Your buyer and the seller have a signed contract and now the inspection process begins. You tell your buyer she needs a general property inspection and her first question is, “Whom do you recommend?” It’s a good practice to give her three choices if you decide to offer that help. She picks an inspector, the inspection proceeds, and the transaction closes.
Six months later, you get sued.
The buyer claims you made a “negligent referral to an unqualified inspector” because the person she selected from your list missed many significant defects.
Think this can’t happen? In the past 18 months, I’ve have had three transactions thrown into chaos because of poorly conducted inspections. All of them involved mold inspections conducted by unqualified inspectors, resulting in transaction delays. One also involved insufficiently inspected structural and sewer issues. These problems didn’t result in lawsuits because, as either a buyer or seller representative, I flagged the problems for my clients, but I’ve seen lawsuits arise on other agents’ transactions.
Requirements Vary by State
Some states certify or license property inspectors. My state of California does not. As a matter of risk management, you need to know the qualifications of the inspectors you refer. It’s not enough for a person to have a business card and contract form to be a home inspector. The reality may be that the least qualified inspector might be the one who finds the least amount wrong with the house, keeping your deal on track. But referring that person is a good way to increase the chance you’ll end up in court.
In one recent case I was involved in, the inspector claimed he was certified by the North American Inspection Association, but there was no record of such an association existing. Professionals at the American Society of Home Inspectors and the California Real Estate Inspectors Association, two recognized professional associations in my state, had never heard of it. He claimed to follow the “ASHI Standards of Practice” but had never been a member of the group. He had no errors and omissions or liability insurance and no contracting license. His contract included clauses to limit his liability, but those clauses were eliminated by the Business and Professional Code of California in 1997. Just picture yourself in court trying to tell the jury why this person was on your referral list.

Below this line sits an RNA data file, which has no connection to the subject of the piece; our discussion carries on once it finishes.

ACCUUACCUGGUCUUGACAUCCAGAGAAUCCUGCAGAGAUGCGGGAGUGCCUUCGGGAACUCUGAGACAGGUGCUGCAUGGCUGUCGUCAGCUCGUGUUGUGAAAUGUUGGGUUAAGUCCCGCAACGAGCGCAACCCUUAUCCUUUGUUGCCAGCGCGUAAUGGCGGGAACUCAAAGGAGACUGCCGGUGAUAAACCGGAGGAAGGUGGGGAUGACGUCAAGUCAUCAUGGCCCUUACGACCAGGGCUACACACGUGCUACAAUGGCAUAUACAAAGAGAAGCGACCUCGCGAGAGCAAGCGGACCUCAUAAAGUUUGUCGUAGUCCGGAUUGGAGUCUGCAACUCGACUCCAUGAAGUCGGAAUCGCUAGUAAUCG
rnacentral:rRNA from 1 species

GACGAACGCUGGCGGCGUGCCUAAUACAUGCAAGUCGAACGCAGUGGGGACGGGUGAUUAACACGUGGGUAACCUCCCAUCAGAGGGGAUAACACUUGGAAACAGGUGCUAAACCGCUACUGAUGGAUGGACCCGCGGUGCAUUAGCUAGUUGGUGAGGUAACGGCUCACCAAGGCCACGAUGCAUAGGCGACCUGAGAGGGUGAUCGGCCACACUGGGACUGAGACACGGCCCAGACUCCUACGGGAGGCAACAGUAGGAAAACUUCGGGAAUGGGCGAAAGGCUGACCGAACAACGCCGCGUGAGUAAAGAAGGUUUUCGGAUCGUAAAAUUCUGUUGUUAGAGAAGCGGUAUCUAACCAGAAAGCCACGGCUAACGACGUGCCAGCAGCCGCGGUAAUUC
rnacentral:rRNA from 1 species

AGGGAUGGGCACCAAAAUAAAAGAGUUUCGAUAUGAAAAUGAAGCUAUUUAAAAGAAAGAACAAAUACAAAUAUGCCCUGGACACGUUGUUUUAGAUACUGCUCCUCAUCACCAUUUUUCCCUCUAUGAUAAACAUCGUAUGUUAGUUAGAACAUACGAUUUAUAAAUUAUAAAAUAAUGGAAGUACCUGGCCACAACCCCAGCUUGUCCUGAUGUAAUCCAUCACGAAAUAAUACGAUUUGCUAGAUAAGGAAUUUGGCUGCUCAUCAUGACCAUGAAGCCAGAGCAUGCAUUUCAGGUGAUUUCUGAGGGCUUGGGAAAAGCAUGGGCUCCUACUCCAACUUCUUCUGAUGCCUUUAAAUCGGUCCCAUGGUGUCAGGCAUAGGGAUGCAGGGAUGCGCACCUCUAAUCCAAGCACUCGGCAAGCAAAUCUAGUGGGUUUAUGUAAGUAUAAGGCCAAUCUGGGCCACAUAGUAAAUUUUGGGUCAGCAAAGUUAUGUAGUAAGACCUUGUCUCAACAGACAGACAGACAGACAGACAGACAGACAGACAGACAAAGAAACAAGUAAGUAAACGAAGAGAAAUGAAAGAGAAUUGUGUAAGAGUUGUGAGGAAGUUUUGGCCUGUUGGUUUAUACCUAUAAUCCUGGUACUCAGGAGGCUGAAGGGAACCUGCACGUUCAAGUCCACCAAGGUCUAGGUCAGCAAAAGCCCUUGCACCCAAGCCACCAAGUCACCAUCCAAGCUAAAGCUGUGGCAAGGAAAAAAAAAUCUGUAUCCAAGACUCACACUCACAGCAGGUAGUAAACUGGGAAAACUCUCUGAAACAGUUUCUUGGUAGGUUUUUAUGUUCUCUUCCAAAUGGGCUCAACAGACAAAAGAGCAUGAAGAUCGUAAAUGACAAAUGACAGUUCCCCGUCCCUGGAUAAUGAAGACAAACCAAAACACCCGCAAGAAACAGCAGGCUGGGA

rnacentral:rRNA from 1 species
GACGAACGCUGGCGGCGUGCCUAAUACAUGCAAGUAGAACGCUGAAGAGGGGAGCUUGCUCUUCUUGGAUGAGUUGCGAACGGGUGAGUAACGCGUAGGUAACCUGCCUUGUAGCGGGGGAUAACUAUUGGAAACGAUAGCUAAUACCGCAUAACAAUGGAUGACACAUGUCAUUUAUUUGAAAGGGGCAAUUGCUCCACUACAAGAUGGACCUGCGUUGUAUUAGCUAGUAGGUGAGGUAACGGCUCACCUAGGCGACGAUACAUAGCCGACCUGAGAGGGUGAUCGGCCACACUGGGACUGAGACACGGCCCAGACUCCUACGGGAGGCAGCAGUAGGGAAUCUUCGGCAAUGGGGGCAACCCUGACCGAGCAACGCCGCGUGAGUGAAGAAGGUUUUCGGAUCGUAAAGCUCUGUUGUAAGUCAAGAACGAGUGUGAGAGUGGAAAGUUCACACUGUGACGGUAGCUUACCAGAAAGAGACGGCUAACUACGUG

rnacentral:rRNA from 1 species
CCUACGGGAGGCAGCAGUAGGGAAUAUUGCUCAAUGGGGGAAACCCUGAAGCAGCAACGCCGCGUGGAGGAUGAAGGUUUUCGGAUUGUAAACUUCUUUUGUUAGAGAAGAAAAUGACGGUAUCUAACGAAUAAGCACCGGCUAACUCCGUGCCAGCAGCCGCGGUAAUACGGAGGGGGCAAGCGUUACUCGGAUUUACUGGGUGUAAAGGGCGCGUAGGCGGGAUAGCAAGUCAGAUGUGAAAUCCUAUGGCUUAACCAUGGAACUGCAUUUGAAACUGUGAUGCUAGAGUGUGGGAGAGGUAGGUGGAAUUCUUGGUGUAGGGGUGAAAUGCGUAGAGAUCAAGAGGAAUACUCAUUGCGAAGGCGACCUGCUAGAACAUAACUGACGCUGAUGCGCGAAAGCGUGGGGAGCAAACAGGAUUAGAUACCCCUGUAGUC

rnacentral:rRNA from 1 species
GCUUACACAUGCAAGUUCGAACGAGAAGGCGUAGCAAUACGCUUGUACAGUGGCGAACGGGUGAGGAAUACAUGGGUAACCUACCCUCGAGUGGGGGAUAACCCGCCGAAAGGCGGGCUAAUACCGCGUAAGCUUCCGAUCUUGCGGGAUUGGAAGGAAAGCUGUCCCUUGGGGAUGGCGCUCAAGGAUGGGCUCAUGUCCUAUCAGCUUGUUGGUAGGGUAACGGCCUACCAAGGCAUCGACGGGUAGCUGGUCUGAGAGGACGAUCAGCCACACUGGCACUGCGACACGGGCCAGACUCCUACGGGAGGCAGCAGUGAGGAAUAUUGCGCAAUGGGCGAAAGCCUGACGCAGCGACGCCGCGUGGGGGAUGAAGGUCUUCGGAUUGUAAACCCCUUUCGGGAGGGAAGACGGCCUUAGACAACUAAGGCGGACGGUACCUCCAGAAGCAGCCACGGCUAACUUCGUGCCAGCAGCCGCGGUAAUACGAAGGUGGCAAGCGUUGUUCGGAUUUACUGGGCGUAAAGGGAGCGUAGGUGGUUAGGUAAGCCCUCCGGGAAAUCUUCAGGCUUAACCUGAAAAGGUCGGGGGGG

For the protection of you and your client, check the qualifications of the property inspectors you include on your list. They should all have proof of E&O and liability insurance; membership in at least one professional association, whether it’s ASHI or your local or state association; a record without lawsuits; a contract that reflects current state law; and documented inspection experience.
If you have two great inspectors and one not-so-good one on your list and hand that list to your client, there’s a chance the client will pick the least qualified one, especially if that person is the cheapest one.
Be diligent with specialized inspectors, too. A mold inspector might not have to have any certification or license in your state. But as a matter of good practice, that inspector should have specific mold insurance as part of E&O coverage and be a certified industrial hygienist. A mold inspector should also have several years of experience, membership in appropriate associations such as the Indoor Air Quality Association or the American Industrial Hygiene Association, and the ability to take air and surface samples for testing.
Bottom line: The more qualified the inspectors, the more likely the inspections will be done right and no one will be sued.